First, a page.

Friday, April 20, 2012

Alexander Calder and Segre's Iron Works

Of all the posts that I've put up on this blog, the most popular by far has been the one about "How I Found Alexander Calder's Roxbury Home".  I've received many nice comments about it (thank you, dear readers) but the best of all was a phone call that I received from a wonderful fellow named Bob Hicks.

Bob, who is retired now, told me that he has been a fan of Calder for a long time, and mentioned that my posting about the Roxbury House inspired him to try and find it for himself on a recent trip to Connecticut. It was really fun to hear how he was able to find the house using the maps and information that I posted and to listen to his impressions of what he saw.

We spoke on the phone for quite some time and had a really pleasant conversation about Calder. Bob has traveled all over the world and has seen many Calder sculptures that most of us can only dream of seeing, like the massive "Teodelapio" stabile in Spoleto, Italy (more about that in a future post).

But I was most excited to learn that Bob had visited Segre's Iron Works

You may be wondering, what is so exciting about a metal-working shop? The answer is that Segre's was responsible for the fabrication of many large Calder stabiles that were created in the Sixties and Seventies, turning Calder's ideas (usually expressed in the form of a "maquette" or small model of the proposed sculpture) into the massive pieces that stand in city squares, colleges, business, and sculpture parks around the county.  Bob had seen Segre's when they were actively making Calder sculptures.

Bob explained that he was traveling through Waterbury Connecticut in the late Sixties and was surprised when he suddenly whizzed by what was obviously a large Calder stabile sitting out "in the middle of nowhere".   He turned around and went back to find a somewhat mundane looking metal-working shop surrounded by several Calder stabiles in various stages of completion.  Amazed by what he was seeing, Bob got out of his car and went into the shop to find out what was going on - and to get permission to take some pictures.

"You have pictures of Segre's Iron Works with Calder's sitting outside?" I asked...

"Yes!" said Bob, "I took quite a few.  They are on slides, if you are interested in seeing them I'll dig them out and see if I can make some prints"

"Oh wow" I said, "I would LOVE to see those!  Could I post them on my blog?"

"Sure!" said Bob, "give me a couple weeks to get them together and I'll send them to you.  You can do whatever you like with them"

And so, here you are.  A collection of vintage photos from the late Sixties showing the birth of some of Calder's most famous stabiles: the "Flamingo" just before it was shipped off to Chicago, and "Stegosaurus", which is now at an art museum in Toledo, Ohio.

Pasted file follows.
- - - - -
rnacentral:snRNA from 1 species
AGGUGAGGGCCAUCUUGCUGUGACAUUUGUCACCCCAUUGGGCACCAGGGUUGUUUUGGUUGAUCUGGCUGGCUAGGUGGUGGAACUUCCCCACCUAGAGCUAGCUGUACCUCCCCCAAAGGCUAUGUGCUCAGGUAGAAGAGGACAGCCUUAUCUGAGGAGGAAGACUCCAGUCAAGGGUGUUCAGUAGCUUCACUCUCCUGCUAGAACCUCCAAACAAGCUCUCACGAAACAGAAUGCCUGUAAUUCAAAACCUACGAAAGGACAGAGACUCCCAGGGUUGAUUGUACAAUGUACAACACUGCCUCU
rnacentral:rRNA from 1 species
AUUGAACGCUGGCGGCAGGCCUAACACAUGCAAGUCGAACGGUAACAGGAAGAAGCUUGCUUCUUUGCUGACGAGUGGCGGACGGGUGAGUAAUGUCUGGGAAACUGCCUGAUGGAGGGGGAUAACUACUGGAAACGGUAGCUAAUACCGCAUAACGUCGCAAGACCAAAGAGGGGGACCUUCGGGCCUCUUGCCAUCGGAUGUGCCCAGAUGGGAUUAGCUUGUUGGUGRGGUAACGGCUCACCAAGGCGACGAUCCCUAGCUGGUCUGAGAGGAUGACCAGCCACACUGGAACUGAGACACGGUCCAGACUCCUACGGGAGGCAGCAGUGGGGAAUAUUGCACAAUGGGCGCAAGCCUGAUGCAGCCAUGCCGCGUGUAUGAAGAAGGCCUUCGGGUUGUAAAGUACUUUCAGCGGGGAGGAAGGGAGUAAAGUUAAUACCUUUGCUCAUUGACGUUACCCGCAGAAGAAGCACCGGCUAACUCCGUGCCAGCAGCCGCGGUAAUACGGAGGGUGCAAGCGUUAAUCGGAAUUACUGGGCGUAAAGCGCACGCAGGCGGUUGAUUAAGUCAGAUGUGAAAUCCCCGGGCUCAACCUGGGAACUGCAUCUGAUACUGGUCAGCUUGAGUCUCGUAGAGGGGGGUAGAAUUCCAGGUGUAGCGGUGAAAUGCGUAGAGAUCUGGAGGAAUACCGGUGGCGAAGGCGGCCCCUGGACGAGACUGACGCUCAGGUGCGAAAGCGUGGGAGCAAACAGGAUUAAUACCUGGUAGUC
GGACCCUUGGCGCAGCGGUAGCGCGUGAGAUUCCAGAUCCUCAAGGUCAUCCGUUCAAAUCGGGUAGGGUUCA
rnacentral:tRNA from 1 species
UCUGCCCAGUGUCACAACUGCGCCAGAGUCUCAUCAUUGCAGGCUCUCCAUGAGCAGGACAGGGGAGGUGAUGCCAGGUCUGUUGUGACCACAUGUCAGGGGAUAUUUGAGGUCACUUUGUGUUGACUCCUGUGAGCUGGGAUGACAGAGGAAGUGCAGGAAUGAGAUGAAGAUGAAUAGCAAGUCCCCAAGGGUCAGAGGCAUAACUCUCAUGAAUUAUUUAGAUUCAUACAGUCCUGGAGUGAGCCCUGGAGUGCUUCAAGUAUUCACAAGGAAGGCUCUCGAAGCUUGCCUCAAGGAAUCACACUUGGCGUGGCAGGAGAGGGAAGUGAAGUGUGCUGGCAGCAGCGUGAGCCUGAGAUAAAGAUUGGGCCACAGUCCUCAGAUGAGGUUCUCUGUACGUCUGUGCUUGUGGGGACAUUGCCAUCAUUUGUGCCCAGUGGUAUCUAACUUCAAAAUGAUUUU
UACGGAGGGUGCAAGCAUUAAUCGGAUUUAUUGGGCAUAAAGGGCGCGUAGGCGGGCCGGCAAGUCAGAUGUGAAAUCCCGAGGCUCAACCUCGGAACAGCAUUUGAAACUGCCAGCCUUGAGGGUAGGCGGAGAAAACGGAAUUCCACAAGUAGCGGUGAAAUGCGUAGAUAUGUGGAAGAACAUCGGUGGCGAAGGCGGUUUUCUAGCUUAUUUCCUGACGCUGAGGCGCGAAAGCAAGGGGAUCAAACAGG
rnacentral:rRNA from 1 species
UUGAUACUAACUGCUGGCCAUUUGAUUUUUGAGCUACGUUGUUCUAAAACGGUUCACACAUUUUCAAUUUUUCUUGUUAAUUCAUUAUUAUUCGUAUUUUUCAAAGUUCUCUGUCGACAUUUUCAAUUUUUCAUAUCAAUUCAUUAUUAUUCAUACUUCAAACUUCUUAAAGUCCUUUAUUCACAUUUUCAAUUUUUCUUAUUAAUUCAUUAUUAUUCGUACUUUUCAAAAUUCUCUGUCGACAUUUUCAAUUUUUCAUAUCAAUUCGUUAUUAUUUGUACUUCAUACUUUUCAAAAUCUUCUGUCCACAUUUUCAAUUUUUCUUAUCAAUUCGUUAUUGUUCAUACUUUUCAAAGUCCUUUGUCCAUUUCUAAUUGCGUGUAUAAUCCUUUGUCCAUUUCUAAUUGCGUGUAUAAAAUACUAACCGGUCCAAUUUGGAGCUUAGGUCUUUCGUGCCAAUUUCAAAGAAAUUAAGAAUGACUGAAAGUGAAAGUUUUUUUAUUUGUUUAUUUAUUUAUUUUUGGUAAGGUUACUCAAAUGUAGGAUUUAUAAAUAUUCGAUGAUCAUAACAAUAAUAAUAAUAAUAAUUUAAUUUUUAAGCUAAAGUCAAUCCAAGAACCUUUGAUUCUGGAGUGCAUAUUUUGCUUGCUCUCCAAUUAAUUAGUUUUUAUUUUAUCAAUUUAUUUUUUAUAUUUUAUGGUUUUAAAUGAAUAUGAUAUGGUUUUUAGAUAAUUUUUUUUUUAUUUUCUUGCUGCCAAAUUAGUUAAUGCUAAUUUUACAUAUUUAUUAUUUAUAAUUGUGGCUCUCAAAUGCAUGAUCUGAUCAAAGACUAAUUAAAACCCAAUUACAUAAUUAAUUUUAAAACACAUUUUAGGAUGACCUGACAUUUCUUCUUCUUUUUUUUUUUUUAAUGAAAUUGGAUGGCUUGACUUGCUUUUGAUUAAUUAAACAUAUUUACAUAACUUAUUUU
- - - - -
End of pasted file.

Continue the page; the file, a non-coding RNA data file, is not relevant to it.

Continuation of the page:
Many many thanks to Bob Hicks for sharing these great historical photos. 



Approaching Segre's Iron Works - Waterbury, CT     -  Photo courtesy of Robert Hicks

Segre's Iron Works - late 1960's  - photo courtesy of Robert Hicks   


Front yard at Segre's - Photo courtesy of Robert Hicks

Stegosaurus and small Flamingo at Segre's Iron Works - Photo courtesy of Robert Hicks

"Flamingo" (full size) - Photo courtesy of Robert Hicks

Photo courtesy of Robert Hicks

Alexander Calder's "Flamingo" at Segre's Iron Works - Photo courtesy of Robert Hicks

5 comments:

  1. These images are a great find! I began research around 1989 into Steven Segree's work in relation to his fabrication of FLAMINGO and especially his involvement in starting the Keeler & Long paint Co.'s production of the standard Calder Red that was afterwards shipped worldwide for necessary repaintings of Calders. Mr.Segree and I last spoke by phone around 1990. I just repainted FLAMINGO in Chicago (again) over three months ending in August and that caused me to try and finish the research and have been soliciting information. I never visited his shop. So these are really treasures for me. Thanks.

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    1. I see two buildings in the pictures. Are they both Segre's or is the one with the large Flamingo, Waterbury Iron Works? If not, where was Waterbury Iron Works?
      Do you know how to get a hold of any Segre employees from the 1970's? I have a question to ask about some of the mobiles they received from Calder as gifts.

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  2. I remember seeing the Calders under construction along Route 89 outside Waterbury while going to visit my in-laws in Western Connecticut in the 1970s. Thanks for tying this all together.

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  3. Oooops, it was I-84. The site is now full of retail stores and no evidence of the former ironworks. Life has moved on.

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  4. This place has an entry in Jane and Michael Stern's 1970s tour book Amazing America, too.

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